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Dropbox Reduces Cloud Provider Dependence
When Dropbox announced in February 2018 that it would be going public in a few months, it first made its previous year's financial report public. The report revealed that the file hosting and business cloud storage company made several cutbacks on its OpEx that seemed nearly impossible to be achieved within the specified timeframe.
The secret to the great OpEx savings was a rollback of dependence on AWS. In the first two years after migrating a vast majority of its data from AWS to its own dedicated infrastructure, Dropbox's OpEx dropped by a sizable $75 million. Formerly, about half a billion people who stored their files on Dropbox really had Amazon hosting their files on its own servers.
When it was a startup, Dropbox could not afford to build its own infrastructure and cloud system, which is essentially what a cloud storage company is all about. AWS was their go-to solution in their initial years because while the expenses associated were high, the three pillars of flexibility, reliability, and scalability were assured by the cloud provider. But how did Dropbox transition from this dependence to building its own cloud infrastructure from the ground up?
The Dropbox Migration Roadmap
The method adopted by Dropbox to drastically cut down its OpEx is an example of how a dedicated server can save an enterprise a lot of financial overhead. Even a few thousand dollars saved by learning from Dropbox's example goes a long way for a small or medium-sized IT services organization, and an overwhelming majority of the IT industry consists of such establishments.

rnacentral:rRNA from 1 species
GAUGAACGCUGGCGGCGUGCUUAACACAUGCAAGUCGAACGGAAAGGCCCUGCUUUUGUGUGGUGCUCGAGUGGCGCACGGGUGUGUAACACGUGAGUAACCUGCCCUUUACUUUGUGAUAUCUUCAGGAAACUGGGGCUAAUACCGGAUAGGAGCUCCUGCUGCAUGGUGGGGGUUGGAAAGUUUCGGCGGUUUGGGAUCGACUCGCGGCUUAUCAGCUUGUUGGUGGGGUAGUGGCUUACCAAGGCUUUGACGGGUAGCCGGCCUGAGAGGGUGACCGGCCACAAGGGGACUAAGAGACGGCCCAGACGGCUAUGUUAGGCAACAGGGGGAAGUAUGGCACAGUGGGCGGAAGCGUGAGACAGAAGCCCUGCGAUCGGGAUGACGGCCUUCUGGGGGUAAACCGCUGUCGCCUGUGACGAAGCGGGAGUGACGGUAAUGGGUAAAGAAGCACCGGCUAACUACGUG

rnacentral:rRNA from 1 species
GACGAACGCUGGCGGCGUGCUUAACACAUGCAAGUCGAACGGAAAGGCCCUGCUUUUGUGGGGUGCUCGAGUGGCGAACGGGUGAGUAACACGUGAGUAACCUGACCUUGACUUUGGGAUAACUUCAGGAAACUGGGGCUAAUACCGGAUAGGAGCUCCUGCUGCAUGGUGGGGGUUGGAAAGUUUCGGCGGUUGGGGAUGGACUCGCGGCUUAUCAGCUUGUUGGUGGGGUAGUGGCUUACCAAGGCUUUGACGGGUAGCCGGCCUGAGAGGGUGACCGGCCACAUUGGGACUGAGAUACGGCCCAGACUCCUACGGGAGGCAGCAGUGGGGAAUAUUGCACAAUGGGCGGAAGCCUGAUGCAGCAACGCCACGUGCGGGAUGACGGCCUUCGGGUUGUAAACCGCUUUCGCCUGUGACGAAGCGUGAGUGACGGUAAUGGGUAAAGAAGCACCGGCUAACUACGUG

Dropbox still leverages some remnants of AWS's capabilities, even though about 90% of its data and storage has moved in-house. The firm is now functioning in a multi-cloud setup so that it can reach markets where Amazon's wider reach can help the propagation of its file-sharing services.
As the company planned to work on its expansion on the road to finally making its public offering, it needed to reduce its operational overhead to channel money into more productive avenues. So, a shift from the AWS cloud was necessary to cut down some OpEx so that resources could be aligned to facilitate their infrastructure optimization project.
After coming away from AWS, Dropbox set up three colocation data centers in California, Virginia, and Texas for managing much of its active user base. Additionally, the firm also offloaded those users that had not been using their services for over six months. This further helped reduce storage requirements for the user data. Further, the roadmap it followed, involved these savings: